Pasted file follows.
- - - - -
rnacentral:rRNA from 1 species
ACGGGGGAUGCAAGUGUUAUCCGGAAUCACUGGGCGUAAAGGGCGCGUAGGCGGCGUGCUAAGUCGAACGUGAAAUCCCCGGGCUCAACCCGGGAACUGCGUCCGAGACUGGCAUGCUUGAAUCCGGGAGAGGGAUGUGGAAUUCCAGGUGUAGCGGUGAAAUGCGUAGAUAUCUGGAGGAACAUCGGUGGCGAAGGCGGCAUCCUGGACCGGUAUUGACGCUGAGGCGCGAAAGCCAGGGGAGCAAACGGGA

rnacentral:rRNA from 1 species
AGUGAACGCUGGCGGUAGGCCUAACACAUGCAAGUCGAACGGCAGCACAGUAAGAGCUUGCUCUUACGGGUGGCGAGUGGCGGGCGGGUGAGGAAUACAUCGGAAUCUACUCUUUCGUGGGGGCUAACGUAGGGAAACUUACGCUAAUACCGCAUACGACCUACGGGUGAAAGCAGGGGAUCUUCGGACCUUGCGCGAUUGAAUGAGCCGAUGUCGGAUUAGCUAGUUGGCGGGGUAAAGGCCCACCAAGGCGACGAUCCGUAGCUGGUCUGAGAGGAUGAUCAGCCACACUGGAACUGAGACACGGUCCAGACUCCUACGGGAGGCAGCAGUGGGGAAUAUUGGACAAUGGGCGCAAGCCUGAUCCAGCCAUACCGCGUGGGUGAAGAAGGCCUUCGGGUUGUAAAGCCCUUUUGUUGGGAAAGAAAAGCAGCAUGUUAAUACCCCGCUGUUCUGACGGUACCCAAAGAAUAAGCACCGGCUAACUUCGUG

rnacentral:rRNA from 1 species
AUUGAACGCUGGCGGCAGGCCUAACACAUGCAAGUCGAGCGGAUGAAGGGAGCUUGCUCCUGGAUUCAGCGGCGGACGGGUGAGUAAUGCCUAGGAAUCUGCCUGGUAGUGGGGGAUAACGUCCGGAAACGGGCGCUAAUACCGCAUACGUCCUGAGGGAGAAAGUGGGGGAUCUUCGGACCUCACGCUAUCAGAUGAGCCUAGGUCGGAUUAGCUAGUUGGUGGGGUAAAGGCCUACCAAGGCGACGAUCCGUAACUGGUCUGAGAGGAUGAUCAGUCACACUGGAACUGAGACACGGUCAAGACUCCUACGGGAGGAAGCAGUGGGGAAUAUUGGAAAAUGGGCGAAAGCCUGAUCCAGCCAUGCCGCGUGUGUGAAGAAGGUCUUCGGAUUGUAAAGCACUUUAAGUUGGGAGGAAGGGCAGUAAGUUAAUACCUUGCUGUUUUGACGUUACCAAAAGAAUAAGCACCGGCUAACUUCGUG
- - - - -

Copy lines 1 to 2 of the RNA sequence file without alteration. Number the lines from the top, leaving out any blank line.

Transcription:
rnacentral:rRNA from 1 species
ACGGGGGAUGCAAGUGUUAUCCGGAAUCACUGGGCGUAAAGGGCGCGUAGGCGGCGUGCUAAGUCGAACGUGAAAUCCCCGGGCUCAACCCGGGAACUGCGUCCGAGACUGGCAUGCUUGAAUCCGGGAGAGGGAUGUGGAAUUCCAGGUGUAGCGGUGAAAUGCGUAGAUAUCUGGAGGAACAUCGGUGGCGAAGGCGGCAUCCUGGACCGGUAUUGACGCUGAGGCGCGAAAGCCAGGGGAGCAAACGGGA